the final shuttle has launched

arockalypse at flickr shares this wonderful photo of himself and his father at the first shuttle launch, STS-1, in 1981, and the final shuttle launch, STS-135, just a few days ago on July 8, 2011.

what wonderful moments to share!

reminds me of young me now me but with an incredible setting!

Thursday, July 7, 2011

JWST, hubble's successor, cut from US budget?!

Breaking news about hubble's successor telescope: the james webb space telescope (JWST).

today the US House Appropriations Committee released the fiscal year 2012 science appropriations bill, which will be voted on in subcommittee tomorrow. the main result affecting NASA and astronomy's future??

"The bill also terminates funding for the James Webb Space Telescope, which is billions of dollars over budget and plagued by poor management."

the over budget and poor management statements are true, but the solution is reorganization, not a total budget cut.  if you are so inclined to influence the issue, contact the people involved in tomorrow's vote!  also, i dont know what this means regarding the canadian space agency and ESA who are also partners in the project. anyone know what the payoff would be?

here are other statements from the press release:

"National Aeronautics and Space Administration (NASA) – NASA is funded at $16.8 billion in the bill, which is $1.6 billion below last year’s level and $1.9 billion below the President’s request. This funding includes:
  • $3.65 billion for Space Exploration which is $152 million below last year. This includes funding above the request for NASA to meet Congressionally mandated program deadlines for the newly authorized crew vehicle and launch system.
  • $4.1 billion for Space Operations which is $1.4 billion below last year’s level. The legislation will continue the closeout of the Space Shuttle program for a savings of $1 billion.
  • $4.5 billion for NASA Science programs, which is $431 million below last year’s level. The bill also terminates funding for the James Webb Space Telescope, which is billions of dollars over budget and plagued by poor management."

5 awesome things about JWST:

more resources:

american astronomical society (AAS) press release

why we need the JWST by julianne at cosmic variance

from risa at cosmic variance

phil plait from bad astronomy

US house committee press release

Nature News blog

Science Insider

ian o'neill at discovery news

the e-Astronomer

sarah kendrew

universe today

southern night sky

hope youre not tired of gorgeous timelapse videos yet, because this one from Alex Cherney captures just how gorgeous the southern night sky is. from the southern hemisphere, you look straight through the center of our galaxy, resulting in more structure across the sky, and you can also see the fuzzy patches of the nearby magallenic dwarf galaxies.

Ocean Sky from Alex Cherney on Vimeo.

Wednesday, July 6, 2011

australian national astronomy meeting

i'm currently in adelaide attending the astronomical society of australia's annual scientific meeting. i was flatterend several months ago to be asked to give an invited talk at this meeting, which means i have 30 minutes to talk instead of the typical 15 minutes that most speakers get.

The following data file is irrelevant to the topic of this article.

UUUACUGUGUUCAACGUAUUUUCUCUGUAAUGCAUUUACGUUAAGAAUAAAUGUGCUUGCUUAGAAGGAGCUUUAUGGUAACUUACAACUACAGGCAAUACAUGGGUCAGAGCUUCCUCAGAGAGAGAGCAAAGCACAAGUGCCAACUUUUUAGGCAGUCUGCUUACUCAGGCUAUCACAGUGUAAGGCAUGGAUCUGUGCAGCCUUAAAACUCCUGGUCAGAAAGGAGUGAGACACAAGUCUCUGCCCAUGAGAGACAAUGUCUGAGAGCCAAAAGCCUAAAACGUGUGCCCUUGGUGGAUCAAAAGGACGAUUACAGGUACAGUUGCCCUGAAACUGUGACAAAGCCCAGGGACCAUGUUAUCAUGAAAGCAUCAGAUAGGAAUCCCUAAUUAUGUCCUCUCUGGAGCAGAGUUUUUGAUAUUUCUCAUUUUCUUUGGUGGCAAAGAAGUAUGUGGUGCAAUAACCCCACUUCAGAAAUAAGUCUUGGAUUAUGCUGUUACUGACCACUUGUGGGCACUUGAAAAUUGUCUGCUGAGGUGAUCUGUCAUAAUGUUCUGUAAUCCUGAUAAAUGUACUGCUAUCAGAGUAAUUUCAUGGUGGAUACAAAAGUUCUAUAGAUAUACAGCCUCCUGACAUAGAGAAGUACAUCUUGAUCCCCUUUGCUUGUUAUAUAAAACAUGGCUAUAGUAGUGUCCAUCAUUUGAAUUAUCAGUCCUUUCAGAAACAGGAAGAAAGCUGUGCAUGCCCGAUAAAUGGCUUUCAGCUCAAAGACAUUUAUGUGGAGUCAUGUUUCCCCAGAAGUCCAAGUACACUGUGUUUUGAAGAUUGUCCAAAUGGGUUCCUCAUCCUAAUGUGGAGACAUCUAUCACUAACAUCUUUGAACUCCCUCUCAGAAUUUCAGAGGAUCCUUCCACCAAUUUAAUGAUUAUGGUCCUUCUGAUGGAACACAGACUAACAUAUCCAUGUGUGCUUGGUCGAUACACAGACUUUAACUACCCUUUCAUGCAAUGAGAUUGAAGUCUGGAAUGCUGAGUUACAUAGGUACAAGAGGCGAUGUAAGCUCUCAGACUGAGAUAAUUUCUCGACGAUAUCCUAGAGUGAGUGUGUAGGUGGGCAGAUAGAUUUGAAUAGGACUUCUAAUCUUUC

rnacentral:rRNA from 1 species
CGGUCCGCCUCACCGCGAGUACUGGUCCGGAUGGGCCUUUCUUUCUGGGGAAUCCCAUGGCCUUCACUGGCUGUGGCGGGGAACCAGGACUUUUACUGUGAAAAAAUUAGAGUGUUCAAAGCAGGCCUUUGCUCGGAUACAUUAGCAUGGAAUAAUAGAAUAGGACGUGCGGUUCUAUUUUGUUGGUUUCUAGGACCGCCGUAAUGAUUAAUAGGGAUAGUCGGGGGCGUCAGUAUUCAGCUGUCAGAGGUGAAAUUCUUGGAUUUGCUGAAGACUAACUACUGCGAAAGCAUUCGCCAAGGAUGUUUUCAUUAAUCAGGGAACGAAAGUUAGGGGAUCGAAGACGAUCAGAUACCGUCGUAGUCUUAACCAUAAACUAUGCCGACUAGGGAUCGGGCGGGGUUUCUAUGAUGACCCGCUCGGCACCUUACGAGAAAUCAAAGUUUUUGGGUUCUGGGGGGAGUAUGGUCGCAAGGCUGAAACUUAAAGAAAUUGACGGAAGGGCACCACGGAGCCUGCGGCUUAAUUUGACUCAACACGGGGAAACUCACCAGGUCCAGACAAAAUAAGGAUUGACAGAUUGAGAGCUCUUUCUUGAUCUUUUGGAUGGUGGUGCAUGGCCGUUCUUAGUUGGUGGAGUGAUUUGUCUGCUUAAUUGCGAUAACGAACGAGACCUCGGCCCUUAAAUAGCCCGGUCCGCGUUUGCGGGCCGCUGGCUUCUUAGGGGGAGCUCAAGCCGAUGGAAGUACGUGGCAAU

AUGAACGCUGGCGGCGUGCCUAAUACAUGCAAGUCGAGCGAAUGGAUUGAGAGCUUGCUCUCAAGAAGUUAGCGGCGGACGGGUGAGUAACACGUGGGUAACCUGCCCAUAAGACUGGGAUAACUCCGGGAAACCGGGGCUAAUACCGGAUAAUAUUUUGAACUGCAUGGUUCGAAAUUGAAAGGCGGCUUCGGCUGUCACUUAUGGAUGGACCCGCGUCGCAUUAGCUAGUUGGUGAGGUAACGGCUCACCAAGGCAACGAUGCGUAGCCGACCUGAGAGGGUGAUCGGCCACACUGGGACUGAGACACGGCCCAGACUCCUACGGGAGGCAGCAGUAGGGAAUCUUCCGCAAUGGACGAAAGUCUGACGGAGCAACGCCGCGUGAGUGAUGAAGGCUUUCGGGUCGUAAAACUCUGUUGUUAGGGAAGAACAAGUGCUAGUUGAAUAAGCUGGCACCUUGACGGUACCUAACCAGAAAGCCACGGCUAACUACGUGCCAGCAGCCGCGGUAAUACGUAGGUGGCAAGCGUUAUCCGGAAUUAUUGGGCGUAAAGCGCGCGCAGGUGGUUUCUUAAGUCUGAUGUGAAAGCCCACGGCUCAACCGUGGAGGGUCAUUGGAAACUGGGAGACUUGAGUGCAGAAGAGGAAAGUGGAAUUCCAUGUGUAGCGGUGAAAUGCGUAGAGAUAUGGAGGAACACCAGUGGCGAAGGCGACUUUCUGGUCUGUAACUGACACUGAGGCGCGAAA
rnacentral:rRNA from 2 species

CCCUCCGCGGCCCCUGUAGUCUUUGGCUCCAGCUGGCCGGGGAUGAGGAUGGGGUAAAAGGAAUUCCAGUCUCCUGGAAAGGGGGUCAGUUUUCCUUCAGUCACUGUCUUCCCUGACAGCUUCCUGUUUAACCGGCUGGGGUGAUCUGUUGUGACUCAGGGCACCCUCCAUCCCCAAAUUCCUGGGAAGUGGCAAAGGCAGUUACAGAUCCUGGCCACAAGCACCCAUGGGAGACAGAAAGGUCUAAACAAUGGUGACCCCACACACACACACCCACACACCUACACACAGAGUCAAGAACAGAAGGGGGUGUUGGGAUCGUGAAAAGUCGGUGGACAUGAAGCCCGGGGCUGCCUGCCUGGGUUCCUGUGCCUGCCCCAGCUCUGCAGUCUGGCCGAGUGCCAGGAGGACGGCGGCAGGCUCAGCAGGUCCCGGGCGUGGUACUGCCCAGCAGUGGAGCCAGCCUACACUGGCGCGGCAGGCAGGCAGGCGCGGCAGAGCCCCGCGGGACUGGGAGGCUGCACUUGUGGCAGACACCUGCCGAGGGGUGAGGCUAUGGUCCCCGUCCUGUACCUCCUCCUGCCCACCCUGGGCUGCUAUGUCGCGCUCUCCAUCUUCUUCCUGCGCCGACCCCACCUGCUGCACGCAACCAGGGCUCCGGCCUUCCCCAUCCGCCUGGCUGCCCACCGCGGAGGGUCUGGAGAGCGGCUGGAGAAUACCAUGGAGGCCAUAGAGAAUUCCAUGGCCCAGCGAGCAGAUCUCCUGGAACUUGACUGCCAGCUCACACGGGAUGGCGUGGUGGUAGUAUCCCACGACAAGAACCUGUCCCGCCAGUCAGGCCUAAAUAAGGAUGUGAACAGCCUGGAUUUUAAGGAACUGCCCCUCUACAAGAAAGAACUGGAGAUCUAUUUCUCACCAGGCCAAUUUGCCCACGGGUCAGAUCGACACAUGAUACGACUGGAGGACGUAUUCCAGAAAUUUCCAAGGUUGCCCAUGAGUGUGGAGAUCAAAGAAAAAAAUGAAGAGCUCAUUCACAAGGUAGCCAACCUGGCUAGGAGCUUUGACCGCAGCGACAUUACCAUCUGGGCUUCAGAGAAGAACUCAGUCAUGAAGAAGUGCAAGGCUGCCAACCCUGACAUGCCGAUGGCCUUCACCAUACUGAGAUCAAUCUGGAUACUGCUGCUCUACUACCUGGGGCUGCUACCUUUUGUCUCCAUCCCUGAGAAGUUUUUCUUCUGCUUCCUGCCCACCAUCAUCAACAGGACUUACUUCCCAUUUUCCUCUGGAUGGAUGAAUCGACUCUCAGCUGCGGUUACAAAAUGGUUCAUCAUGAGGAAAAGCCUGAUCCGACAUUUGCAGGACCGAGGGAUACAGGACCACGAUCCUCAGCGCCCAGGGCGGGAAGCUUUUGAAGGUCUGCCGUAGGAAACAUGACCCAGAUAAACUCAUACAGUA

this talk has been in the back of my mind since i accepted the invitation. i was asked to talk about "galaxy evolution" and really wanted to give a broad background to the topic for the benefit of the diverse range of attendees, and also show some of my recent results over the last couple years, and since joining the australian astronomical community as a super science fellow.

i'm pleased to report that i'm proud with the how the talk was received and i think many of you might be amused to know that during the introduction... i put on my bright red "super science fellow" cape and thanked the australian government and the AAO for giving me such a fabulous title :) haha! i figured if i was going to do it, i should really go for it, so i even threw my fist in the air to strike a real super hero pose!! it was the first time that i received spontaneous applause while giving a professional astronomy talk!

since i didnt warn anyone i was going to perform such shenanigans, and since i took the cape off quickly as i wanted people to actually listen to my talk and take me seriously, i dont think anyone got a photo of the event :( oh well - what a thrill!

here are some other bits of news...

  • the decision as to where the SKA telescope will be built (australia or africa) will be made on 29 February 2012.
  • the 1000 groups that submitted proposals during the first call to use ALMA will hear back in september 2011.
  • yesterday at this meeting, sarah brough presented conclusions and realizations from the women in astronomy workshop to the ENTIRE AUSTRALIAN ASTRONOMY COMMUNITY! i think that is fantastic. 
  • there is a new forum for astronomy PhD students (and postdocs, etc... really) with the clever title: astroPhD
  • CAASTRO (ARC Centre of Excellence for All-sky Astrophysics) will advertise 35 postdoc positions over the next couple years. they are organizing wide-field astronomical capabilities of next-generation telescopes and the HUGE data sets they will provide. CAASTRO has a noteworthy policy: they offer all positions with a part-time option to help support parenting and other real life situations. excellent!
  • the suburu telescope in hawaii is currently shut down after an unfortunate coolant leak occurred above the telescope, spilling coolant (ethylene glycol) on the primary mirror, other optics, and surrounding areas.

hopefully i'll get back into my regular blogging schedule soon, but if you want to read about the lastest astronomical developments, follow along on the twitter hashtag: #asa11